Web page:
Author Marsha Friedman sent me a copy of her book, "Celebritize Yourself" and I read it the other day. At first, I was a bit skeptical; read a book and become a celebrity? You're kidding, right?
What I quickly discovered is that you actually can become a celebrity by using the techniques in this book. That's partially because Friedman uses a slightly different definition of celebrity than the one you may be thinking of. In her parlance, a celebrity can be anyone who is well known as an expert on a specific topic, who is then sought out to speak or share their ideas. That helped me, since it didn't mean I needed to go on American Idol to become famous.
The other thing I discovered is that you can use Friedman's techniques in other ways, as well. What do I mean? I'll break it into two levels, which I'll call Public Celebrity and Local Celebrity (these are my constructs, adapted from the ideas in the book by the way)…
Public Celebrity is the true intent of the book. Friedman takes you through the process of deciding on a domain where you can demonstrate the right uniqueness and expertise to become a celebrity in that area.
Once you know what that is, she helps you test it to make sure it's something that will stick for you, then provides some worksheet-style exercises to get clear about the unique and differentiated value you bring to the table. This is what forms the foundation upon which you will build your celebrity.
From there, there are numerous activities revolving around writing a book (an essential element in Friedman's methodology), getting speaking gigs, and promoting / publicizing yourself as an expert in your field. She tells you how to assume the 'attitude' and confidence of a celebrity - a sort of walk the talk guide for celebrities to help you project the image of celebrity to others.
These techniques stem from real-life learnings -- Friedman's "day job" is promoting celebrities, including actors, musicians, public officials, and other well-known celebrities. Oh - and that book I mentioned? It's what enables you to say, "I'm writing a book," and eventually, "I've written a book," which changes how you're perceived by others.
Not much of a writer? Don't worry - Friedman discusses thoughts on how to select and use ghost writers, freelancers, editors, and others who can help you get your ideas into print, as well as how to get the book published.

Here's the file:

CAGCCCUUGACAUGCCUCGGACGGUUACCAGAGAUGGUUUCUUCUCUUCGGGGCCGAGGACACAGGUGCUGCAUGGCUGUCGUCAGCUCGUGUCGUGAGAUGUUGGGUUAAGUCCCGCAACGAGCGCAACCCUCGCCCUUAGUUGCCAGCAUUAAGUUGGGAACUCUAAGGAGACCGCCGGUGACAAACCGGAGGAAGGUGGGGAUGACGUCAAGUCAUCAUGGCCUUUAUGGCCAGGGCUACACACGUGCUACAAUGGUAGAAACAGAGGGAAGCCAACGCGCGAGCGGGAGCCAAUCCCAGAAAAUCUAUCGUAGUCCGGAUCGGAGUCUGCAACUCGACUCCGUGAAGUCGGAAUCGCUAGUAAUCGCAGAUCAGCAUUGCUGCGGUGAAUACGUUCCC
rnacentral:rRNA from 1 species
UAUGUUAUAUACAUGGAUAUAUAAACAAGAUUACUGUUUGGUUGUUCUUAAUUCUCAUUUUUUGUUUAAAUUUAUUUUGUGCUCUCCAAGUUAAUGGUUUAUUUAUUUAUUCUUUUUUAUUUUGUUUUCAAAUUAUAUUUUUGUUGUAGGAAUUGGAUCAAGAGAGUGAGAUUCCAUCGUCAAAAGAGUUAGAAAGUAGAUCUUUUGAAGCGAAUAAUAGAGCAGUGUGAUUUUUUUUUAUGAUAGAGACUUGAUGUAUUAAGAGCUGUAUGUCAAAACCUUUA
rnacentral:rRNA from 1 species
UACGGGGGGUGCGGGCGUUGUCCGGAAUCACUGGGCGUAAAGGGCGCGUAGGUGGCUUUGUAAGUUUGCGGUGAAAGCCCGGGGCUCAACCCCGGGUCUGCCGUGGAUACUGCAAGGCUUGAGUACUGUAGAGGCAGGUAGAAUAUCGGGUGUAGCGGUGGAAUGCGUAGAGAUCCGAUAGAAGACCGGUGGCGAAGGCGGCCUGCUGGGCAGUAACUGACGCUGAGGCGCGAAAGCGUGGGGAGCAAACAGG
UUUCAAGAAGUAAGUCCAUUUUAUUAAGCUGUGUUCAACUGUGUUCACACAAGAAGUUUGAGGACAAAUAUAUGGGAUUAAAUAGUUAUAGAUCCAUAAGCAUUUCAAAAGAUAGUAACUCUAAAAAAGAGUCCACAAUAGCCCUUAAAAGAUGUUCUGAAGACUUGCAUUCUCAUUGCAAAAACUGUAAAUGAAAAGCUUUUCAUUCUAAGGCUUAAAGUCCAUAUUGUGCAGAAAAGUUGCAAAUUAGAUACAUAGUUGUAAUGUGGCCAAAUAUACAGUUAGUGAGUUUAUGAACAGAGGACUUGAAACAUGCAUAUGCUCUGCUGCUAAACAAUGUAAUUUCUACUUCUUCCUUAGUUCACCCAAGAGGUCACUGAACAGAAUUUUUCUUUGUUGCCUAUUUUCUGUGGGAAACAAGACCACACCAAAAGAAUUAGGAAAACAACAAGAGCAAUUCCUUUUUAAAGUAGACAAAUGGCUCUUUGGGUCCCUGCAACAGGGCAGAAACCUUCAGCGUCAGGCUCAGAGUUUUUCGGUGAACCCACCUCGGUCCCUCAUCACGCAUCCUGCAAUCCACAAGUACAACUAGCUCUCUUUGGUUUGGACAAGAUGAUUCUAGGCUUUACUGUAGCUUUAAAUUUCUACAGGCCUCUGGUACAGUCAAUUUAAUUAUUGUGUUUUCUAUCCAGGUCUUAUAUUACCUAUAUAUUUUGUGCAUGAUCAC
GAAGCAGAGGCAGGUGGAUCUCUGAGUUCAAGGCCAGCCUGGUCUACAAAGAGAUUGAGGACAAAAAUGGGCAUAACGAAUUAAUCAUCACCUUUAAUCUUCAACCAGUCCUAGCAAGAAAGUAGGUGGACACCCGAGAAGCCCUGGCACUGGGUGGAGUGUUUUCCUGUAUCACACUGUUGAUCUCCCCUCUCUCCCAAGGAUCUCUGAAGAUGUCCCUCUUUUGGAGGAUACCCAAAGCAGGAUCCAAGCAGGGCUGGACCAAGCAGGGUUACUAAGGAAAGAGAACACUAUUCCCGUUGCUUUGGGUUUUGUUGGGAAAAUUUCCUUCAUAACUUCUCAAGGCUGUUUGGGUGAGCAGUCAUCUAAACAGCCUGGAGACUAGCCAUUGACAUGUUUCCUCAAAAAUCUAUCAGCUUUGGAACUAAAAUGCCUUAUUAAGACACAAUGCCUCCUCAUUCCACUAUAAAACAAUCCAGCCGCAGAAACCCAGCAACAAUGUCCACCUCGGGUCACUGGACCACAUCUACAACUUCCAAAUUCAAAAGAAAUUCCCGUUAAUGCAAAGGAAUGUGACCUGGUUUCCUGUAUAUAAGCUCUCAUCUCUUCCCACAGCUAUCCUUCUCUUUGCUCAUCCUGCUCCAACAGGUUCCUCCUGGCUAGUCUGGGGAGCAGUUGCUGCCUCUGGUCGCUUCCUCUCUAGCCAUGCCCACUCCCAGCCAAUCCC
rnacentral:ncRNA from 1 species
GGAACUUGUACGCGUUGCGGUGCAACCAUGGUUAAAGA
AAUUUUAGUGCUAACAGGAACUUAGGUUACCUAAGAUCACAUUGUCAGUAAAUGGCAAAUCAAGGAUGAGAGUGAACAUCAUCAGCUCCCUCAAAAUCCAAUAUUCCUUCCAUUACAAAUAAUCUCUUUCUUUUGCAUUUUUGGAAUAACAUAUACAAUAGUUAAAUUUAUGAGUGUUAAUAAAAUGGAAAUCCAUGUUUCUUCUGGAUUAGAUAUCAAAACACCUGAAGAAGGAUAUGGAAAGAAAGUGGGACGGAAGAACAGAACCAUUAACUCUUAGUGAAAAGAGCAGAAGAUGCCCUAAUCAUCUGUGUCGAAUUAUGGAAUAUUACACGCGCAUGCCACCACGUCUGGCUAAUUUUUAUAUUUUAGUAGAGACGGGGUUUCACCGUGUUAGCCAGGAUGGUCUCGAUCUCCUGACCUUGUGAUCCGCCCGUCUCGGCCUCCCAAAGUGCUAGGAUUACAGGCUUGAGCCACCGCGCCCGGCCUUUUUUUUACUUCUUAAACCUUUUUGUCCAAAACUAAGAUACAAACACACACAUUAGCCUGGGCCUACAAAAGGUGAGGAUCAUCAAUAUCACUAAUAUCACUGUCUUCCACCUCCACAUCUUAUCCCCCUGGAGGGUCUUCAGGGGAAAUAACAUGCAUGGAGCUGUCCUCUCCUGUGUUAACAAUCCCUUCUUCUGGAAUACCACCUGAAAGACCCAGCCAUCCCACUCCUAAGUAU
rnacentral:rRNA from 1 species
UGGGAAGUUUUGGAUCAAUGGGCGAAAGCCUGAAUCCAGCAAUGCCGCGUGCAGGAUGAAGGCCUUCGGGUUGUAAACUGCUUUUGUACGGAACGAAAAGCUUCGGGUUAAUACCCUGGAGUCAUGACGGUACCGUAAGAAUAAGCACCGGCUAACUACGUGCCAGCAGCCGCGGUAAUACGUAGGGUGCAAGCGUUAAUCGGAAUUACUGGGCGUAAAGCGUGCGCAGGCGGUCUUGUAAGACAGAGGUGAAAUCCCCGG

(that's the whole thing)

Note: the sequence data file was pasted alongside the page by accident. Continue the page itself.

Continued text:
If you want to be a well-known authority on a topic (I think of my friends Rosa Say, Lisa Haneberg, and Phil Gerbyshak as examples) you'd be well-served to follow Friedman's advice, which is well-presented in a concise, easy read.
Maybe you're not inclined (or not ready) to become a Public Celebrity. That's fine, but I think you can still learn something from this book. If you want to be perceived as a more credible, more authoritative influencer by others in your company or your circle of influence, you can apply a lot of Friedman's techniques on a different scale.
Then begin using the techniques to project your image within the company. While you could still write a book, you may be able to get good results from writing papers on your topic, sharing your expertise on internal blogs, in memos, etc. Rather than public speaking engagements, you can lead brown bag lunches including instructional sessions on your topic.
Use your imagination - it's about creating artifacts to demonstrate your expertise, then creating opportunities to present your thoughts to others. You can even go so far as identifying your target audience (management, peers, subordinates, customers, etc.) so you can hone your message, the venues you select, and the delivery mechanism to fit your audience.
You can certainly become a Local Celebrity and make a difference in your organization - work, community, or otherwise.
What are you waiting for?
If you want to stand out as an authority - Public or Local - "Celebritize Yourself" provides a very concise guide to help you create your plan and your brand. I encourage you to check it out.
And did I mention I'm writing a book?